Oops.

As later reported, the entire story was the invention of a 17 year old schoolboy who had put the fake tweet out as part of a study into digital marketing. The news media picked it up and what happened next will likely be the subject of media studies degrees for years to come. 

The scale with which the story spread ought to sound a loud alarm about the quality of the editing process at many news organisations. 

How did we get here? Well, in the 2000s as websites proliferated, media owners looked for savings and saw the subs bench – as it was known – as an easy target for redundancies. 

Sub editors were dispensed with and reporters were left to type their copy directly into a content management system before hitting ‘publish’. It’s quicker and cheaper.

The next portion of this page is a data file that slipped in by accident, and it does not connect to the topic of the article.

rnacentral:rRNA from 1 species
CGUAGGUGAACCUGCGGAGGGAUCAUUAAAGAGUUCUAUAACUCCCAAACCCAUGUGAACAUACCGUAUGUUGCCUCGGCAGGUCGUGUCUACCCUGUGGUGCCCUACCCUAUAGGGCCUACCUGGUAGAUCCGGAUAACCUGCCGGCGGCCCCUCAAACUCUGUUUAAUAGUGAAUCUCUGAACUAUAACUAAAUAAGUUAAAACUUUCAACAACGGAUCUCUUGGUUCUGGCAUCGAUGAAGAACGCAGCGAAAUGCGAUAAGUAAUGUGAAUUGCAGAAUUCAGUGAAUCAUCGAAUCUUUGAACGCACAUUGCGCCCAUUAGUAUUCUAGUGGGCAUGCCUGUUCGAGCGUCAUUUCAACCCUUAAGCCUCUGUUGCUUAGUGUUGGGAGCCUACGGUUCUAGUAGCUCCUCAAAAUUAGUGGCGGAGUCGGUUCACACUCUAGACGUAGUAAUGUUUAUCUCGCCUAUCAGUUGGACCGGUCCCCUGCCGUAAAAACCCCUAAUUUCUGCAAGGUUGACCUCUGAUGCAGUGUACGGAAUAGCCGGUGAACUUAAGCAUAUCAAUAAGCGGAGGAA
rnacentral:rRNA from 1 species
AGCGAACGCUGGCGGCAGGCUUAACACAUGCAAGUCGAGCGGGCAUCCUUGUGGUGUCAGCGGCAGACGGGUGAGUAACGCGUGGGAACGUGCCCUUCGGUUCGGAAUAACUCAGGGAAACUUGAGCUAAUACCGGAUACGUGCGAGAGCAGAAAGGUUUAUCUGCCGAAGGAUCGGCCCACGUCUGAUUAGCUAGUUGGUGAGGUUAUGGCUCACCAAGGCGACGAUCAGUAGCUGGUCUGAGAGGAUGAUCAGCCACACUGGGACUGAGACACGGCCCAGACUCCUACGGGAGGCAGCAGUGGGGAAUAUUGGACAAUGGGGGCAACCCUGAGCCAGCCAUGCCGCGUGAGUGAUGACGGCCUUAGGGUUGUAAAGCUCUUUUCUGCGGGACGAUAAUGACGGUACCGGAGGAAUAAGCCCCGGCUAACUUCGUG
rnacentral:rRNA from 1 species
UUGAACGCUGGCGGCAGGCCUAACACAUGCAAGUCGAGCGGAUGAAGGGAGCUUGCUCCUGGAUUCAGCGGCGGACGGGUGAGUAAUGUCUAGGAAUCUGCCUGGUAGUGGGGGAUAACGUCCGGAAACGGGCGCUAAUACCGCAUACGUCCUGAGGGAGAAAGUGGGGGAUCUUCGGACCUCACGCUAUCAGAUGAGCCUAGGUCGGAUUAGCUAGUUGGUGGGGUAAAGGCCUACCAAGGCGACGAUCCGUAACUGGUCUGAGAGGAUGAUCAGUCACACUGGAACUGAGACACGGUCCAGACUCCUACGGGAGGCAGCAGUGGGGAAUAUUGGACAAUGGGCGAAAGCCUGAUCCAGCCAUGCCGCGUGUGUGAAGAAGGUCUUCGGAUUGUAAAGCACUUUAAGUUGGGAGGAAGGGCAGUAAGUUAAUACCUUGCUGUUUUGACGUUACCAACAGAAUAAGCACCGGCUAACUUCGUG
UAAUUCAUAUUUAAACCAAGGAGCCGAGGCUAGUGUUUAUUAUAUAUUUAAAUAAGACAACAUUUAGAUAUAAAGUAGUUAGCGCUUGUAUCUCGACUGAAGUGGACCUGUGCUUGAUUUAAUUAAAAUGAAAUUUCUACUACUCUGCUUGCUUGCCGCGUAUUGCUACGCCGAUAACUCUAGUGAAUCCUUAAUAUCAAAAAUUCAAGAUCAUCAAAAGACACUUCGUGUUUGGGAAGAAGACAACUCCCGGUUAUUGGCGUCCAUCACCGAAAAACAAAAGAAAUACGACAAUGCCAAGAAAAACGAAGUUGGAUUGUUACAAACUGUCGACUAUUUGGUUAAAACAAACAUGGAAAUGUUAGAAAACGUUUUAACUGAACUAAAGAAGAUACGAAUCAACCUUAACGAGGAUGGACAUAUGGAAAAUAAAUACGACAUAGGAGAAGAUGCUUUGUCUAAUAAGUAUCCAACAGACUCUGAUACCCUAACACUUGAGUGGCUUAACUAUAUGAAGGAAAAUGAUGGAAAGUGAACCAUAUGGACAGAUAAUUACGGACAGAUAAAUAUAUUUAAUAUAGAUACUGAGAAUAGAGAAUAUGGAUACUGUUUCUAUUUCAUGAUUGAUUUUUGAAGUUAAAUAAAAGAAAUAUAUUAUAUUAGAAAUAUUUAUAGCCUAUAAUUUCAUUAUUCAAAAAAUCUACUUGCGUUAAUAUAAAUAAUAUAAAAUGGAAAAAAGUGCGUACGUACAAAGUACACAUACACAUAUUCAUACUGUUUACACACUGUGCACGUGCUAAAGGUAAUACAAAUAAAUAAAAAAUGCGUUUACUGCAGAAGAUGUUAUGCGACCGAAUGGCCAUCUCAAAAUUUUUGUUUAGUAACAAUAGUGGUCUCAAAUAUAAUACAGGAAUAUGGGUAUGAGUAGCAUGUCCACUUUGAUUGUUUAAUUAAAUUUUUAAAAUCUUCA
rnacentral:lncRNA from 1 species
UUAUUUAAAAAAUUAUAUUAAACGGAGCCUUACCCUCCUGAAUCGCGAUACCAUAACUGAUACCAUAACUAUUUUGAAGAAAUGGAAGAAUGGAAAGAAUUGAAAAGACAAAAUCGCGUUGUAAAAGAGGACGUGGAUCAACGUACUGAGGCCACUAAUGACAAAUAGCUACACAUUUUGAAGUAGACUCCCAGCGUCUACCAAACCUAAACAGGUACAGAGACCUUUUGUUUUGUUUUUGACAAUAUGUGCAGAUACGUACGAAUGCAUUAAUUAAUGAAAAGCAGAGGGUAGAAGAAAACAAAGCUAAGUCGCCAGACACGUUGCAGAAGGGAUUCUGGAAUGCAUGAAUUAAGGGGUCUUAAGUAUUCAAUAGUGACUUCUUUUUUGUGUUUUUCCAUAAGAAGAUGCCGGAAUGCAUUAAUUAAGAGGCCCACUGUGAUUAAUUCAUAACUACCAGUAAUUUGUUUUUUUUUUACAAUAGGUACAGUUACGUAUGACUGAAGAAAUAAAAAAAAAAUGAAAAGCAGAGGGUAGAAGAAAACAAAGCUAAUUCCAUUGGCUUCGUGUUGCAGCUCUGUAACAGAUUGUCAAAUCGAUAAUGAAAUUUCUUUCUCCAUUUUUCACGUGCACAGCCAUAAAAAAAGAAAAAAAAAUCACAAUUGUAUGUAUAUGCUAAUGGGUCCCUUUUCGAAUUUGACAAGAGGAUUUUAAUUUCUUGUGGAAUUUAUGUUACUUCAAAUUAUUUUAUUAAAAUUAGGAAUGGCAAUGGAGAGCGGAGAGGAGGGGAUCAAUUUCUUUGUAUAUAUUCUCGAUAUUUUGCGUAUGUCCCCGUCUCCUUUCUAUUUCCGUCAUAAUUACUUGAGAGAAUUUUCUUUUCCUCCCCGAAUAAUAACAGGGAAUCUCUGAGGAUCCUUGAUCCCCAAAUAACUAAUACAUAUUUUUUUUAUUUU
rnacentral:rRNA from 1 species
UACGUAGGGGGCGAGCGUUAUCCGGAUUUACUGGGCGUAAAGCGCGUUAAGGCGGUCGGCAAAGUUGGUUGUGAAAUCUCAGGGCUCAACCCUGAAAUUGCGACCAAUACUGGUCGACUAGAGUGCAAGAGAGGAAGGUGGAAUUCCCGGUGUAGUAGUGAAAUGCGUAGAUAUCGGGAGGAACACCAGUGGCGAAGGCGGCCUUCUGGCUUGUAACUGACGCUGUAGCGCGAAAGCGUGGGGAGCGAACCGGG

When mistakes do happen, they can be corrected later. ‘Not wrong for long’ is the maxim. And we are all worse off for it. 

Years ago, one of the first stories I filed attracted the ire of a subeditor, who loudly summoned me over to his desk for a public earbending. My crime? I’d got a key fact wrong.

I gulped. Colleagues had been fired for less.

I recall opening my mouth to plead my defence.

The subeditor raised his index finger.

I paused. Wisely, it turned out.

“Always, always check your facts,” he growled. “And then read your story aloud to yourself before you file. You’ll be surprised at what you find you’ve missed.” 

I felt humiliated. Though not as much as I would have been had we gone to press with my error. I had learned my first lesson – and the subeditor’s job was done. 

This week’s Woolworths story is a salutary reminder of their value.